A guide to our glorious garden
History / Background
Situated on the site of the former village of Bog-of-Gight, the 8-acre walled garden at Gordon Castle was constructed between 1802 – 1803 with the original site being much near to the castle. This was a fully productive garden for many decades but gradually declined in the early 20th c. as did most walled gardens of the age. The site was used as a market garden and later to grow raspberries to supply Baxter’s. The garden was then derelict for a number of years, being an empty field.
In 2012 the garden was completely re-designed by the Chelsea Flower Show award winning designer, Arnie Maynard. The brief of this contempory plan was to make everything in the garden productive as well as aesthetically pleasing, whilst simultaneously adding elements such as a Maze, a Play Area and Performance area. When complete in 2018 this will be one of the largest productive walled gardens in the UK.
The produce is grown for a variety of reasons, including use in the Café, to sell via our on-site shop as well as to supply our huge range of products which are sold on-line and in the shop.
The espalier trained fruit trees which you will see clothing the garden walls were mainly planted in the 1950’s/60’s, however some specimens, including the Gordon Castle plum are much older. Two fine specimens of this variety can be found in the far North-West corner of the garden, they produce a large golden sweet fruit. The walled trees, which include peaches, apricots, figs, apples, pears, plums and gages number nearly 260. To add to our collection, we are in the course of planting 750 apple ‘step over’ trees around the garden perimeter, these will include all of the Scottish apple varieties, numbering nearly fifty.
Vegetable / Flower Garden
The main productive centre of the garden was completed in 2015 and includes four large corner vegetable beds which we operate on a rotation system to avoid pest and disease build up, also four colour themed flower beds. In addition, there are salad beds, asparagus, artichokes as well as the 3,000 Lavender plants at the heart of the garden. There are two varieties, L. angustifolia ‘Hidcote’ and ‘Alba’ which produce a fine summer display and allow us to harvest a certain amount for oil extraction which we use in many of our products.
The ‘Pear Arches’ along the path surrounding this area were constructed in winter 2015/16 and include eight tunnels and a total of eighty-eight trees. There is a different variety of pear for each tunnel and it will take over ten years for the trees to mature and cover the arches.
Recently planted are the Herb Gardens with 4,000 perennial plants, including staggered rows of Rosemary ‘Mrs. Jessop’ which will eventually be trimmed to form stunning ‘cloud hedging’. Many varieties of annual herbs will be planted in spring 2017 and the area will mature during the summer. Apart from the Rosemary, the herbs have been planted very informally in small groups and will produce an interesting and beautiful display.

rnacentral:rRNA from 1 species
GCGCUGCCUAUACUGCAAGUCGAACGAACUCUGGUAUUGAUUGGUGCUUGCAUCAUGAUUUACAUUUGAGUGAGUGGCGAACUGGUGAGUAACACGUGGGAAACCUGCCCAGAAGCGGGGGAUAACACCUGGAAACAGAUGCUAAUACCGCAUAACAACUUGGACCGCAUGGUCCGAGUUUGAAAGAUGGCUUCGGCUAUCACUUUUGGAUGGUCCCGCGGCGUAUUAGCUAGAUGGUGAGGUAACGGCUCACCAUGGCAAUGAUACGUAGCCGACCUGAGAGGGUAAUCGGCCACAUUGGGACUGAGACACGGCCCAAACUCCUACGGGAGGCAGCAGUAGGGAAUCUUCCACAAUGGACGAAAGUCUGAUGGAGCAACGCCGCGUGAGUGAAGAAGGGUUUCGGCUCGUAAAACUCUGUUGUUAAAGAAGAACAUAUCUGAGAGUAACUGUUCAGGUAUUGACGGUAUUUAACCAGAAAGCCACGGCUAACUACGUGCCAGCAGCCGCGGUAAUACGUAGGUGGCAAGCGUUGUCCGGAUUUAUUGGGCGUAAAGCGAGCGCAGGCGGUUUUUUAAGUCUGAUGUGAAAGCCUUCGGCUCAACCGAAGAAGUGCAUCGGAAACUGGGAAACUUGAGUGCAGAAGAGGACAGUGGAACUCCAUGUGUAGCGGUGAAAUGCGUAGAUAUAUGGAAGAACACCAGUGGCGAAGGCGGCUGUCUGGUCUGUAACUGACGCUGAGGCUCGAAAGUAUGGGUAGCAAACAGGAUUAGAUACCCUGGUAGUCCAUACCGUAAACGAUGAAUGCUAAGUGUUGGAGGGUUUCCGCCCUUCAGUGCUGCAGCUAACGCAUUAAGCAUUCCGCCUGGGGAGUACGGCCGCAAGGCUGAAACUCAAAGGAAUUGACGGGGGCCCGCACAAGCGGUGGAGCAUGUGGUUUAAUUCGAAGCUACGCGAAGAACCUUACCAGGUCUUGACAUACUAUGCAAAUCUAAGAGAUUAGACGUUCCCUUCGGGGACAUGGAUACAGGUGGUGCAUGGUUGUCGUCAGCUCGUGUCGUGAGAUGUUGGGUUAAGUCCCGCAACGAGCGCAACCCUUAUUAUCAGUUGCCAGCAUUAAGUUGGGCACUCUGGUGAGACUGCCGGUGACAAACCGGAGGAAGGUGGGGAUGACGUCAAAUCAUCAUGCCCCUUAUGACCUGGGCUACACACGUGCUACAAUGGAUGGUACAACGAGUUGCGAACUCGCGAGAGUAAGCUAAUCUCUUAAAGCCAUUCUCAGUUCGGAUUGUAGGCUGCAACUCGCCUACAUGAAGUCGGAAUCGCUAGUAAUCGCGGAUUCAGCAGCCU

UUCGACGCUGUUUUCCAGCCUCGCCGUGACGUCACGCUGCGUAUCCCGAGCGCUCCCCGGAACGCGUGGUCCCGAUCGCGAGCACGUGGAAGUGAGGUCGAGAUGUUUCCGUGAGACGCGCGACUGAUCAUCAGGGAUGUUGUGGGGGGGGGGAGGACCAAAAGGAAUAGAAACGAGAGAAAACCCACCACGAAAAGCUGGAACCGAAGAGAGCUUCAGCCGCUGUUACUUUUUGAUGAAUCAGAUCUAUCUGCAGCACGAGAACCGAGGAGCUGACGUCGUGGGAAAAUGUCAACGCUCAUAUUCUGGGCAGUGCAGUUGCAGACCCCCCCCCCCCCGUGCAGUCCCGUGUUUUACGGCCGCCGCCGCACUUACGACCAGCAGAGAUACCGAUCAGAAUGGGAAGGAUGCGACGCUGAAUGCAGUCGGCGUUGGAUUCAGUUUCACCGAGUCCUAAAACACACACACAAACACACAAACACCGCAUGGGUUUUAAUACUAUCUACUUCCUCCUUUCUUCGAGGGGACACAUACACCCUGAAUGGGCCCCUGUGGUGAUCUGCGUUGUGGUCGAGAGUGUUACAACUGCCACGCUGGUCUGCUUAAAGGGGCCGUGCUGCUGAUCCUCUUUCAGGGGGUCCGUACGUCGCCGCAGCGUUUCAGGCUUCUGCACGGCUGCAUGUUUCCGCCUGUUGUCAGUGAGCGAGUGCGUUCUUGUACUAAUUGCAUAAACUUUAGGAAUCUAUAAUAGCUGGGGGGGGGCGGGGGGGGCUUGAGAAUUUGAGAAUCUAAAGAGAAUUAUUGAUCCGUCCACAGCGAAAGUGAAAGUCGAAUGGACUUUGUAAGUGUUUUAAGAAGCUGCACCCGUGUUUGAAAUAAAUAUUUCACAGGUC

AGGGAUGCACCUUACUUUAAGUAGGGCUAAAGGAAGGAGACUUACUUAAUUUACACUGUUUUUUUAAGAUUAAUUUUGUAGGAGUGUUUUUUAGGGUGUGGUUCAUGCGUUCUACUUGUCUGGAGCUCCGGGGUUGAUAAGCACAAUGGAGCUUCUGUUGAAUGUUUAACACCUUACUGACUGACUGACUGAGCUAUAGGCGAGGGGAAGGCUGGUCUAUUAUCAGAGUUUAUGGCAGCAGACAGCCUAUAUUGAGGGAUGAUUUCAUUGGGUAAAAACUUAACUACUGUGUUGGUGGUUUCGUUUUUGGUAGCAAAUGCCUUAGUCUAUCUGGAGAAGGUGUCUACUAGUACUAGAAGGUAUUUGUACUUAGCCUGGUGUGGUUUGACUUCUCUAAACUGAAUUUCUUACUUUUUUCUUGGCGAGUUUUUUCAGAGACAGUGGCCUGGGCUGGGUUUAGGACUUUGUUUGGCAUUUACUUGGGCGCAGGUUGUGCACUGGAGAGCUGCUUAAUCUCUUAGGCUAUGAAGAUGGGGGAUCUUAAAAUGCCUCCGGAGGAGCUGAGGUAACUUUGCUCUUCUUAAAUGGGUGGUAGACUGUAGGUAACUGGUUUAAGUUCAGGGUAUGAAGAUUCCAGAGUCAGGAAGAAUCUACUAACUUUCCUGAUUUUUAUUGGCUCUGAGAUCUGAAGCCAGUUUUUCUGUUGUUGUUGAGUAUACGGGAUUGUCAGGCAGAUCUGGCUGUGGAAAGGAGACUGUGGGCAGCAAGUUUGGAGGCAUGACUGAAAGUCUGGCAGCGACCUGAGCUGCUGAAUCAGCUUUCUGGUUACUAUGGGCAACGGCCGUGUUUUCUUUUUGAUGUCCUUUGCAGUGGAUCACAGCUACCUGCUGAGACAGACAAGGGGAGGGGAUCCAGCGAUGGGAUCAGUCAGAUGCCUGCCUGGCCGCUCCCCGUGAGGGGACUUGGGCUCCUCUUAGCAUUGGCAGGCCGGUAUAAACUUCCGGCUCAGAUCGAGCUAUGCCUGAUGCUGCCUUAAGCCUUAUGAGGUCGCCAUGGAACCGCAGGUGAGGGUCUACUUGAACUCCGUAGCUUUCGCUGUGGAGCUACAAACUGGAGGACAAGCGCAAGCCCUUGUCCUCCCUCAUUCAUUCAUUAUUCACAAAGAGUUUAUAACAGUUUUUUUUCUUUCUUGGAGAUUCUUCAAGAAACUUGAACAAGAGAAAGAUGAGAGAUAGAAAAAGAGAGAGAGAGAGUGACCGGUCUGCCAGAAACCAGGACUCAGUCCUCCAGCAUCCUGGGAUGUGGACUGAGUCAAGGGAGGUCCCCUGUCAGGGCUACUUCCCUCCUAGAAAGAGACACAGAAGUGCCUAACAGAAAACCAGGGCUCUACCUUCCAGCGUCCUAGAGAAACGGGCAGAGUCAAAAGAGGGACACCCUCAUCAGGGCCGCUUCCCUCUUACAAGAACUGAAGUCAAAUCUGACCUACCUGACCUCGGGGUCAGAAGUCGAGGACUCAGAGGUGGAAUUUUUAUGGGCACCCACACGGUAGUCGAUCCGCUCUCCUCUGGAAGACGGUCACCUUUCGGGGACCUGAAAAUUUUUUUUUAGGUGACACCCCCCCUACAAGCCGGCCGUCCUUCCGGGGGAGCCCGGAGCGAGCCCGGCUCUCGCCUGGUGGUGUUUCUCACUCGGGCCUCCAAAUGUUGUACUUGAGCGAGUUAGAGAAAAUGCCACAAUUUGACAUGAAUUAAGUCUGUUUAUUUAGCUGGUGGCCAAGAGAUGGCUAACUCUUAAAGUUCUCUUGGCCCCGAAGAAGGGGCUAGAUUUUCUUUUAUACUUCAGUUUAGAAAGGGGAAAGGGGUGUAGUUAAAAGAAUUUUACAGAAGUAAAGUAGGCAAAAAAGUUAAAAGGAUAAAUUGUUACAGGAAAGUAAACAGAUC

Recently planted are the eleven different varieties of Quince which will gradually mature over the years to form a gentle canopy. The process of under planting has now begun and will continue into 2017, there will be four varieties of Viola and four varieties of Alpine Strawberry. Eventually the plants will completely cover the ground.
Soft Fruit Garden
Work begun on the Soft Fruit Garden during Summer 2016 including initial ground preparation work and brick edging which will form the paths. The beds will be cultivated this autumn and winter, ready for planting with a whole array of fruits in early spring, the area will then have visitor access.
The final stages of the renovation are the ‘themed gardens’ located on the western side of the garden, we aim to start work on the first of these gardens this winter/spring. The gardens will have different themes such as a Nectar Garden, a Perfume Garden and Medicinal gardens. The curved mounds which you can see were specially landscaped after the garden was re-designed.
The maze started life in 2015 with a meadow theme, this has been used as an experiment to gage the reaction of our visitors. If we keep the maze as meadow permanently then the long grass strips will be planted with wild flowers and bulbs. It will be simple to start with a fresh theme in the future if something different was required.
This is an original Victorian, Mackenzie & Moncur glasshouse which has been lovingly restored over the course of the last few years. This is the remaining glasshouse of an extensive range which would have stood where the Café now stands, in addition there were numerous cold frames. The glasshouse is now in full use and houses many varieties of tomato, cucumber and chilli plants, amongst others. These are harvested through the season for use in the Café and selling in the shop.